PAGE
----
October 1, 2012
By Julie Summers Walker
His 1,000-watt smile indicates that the boy who always wanted to be an airline pilot has gotten just what he wanted out of life. Oh, there have been a few roadblocks along his path, but Adrian Eichhorn is comfortably happy as a JetBlue Airways pilot and passionate preacher of all things Beechcraft—Bonanzas and Barons, anyway. It was not always this way. In the Army he became a civil engineer instead of the helicopter pilot he wanted to be and didn’t get to solo in an aircraft until he was 29. And he stayed in the Army longer than planned because his assignments “kept getting interesting.” He was the nuclear advisor to President Bill Clinton: “I would have been the guy to tell the president what to do in case of a nuclear attack.”
When he retired from the Army things got even more interesting—his first job as a pilot was as a corporate pilot for the Washington Redskins. And then he flew for the FAA. “That was the experience of a lifetime,” he says. Remember the case of convicted murderer Neil Entwistle? Eichhorn was the pilot flying Entwistle back to the United States. “My mom saw me on Nancy Grace,” he grins. But life as a VIP transport pilot took its toll and he jumped at the chance to fly for JetBlue. No more beepers.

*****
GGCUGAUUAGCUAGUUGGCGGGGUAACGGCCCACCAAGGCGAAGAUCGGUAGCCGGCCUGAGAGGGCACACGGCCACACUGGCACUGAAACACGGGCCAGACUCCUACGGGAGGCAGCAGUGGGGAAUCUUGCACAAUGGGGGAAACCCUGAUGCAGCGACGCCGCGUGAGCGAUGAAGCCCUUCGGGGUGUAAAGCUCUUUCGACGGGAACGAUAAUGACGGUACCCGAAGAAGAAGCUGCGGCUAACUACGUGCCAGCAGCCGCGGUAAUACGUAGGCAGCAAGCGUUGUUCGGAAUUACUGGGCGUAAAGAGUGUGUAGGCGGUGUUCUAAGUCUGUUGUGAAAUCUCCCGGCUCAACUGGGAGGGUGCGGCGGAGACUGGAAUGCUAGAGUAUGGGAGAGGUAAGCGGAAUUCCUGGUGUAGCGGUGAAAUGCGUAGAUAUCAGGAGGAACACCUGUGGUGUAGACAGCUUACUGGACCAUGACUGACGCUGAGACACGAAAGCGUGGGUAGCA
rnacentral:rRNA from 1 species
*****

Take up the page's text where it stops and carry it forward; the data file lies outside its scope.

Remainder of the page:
“At 50 years old I was doing my initial training,” he says. “After 25 years, I finally made it to the majors. If I can do it, anyone can.”
Along the way, Eichhorn became a Bonanza owner. Always an engineer, he enjoys discovering what makes things work. And he enjoys helping others. “The more you know about your aircraft, the better pilot you will be,” he says. “No one is taught how to be an owner.” Since 1992 he has been teaching Bonanza and Baron owner-maintenance clinics around the country and assisting in owner-assisted annual inspections. “I’ve seen Bonanzas from all over the country and seen everything that can be wrong with an airplane. And I love to help educate the owner.”
AOPA Director of Publications and Managing Editor for AOPA Pilot and Flight Training, Julie Summers Walker joined AOPA in 1998. She is a student pilot still working toward her solo.
AOPA worked with the flight training industry and FAA to quickly resolve a problem that suddenly put many rating applications on hold.
The Upwind Summer Scholarship Program, which gives high school students a chance to earn their private pilot certificate in the summer between their junior and senior year, is accepting applications for its 2015 scholarship.
If only one person had been helped, it all would have been worthwhile. But much more than that has been accomplished over the 25-year life of the National Gay Pilots Association, said its executive director.
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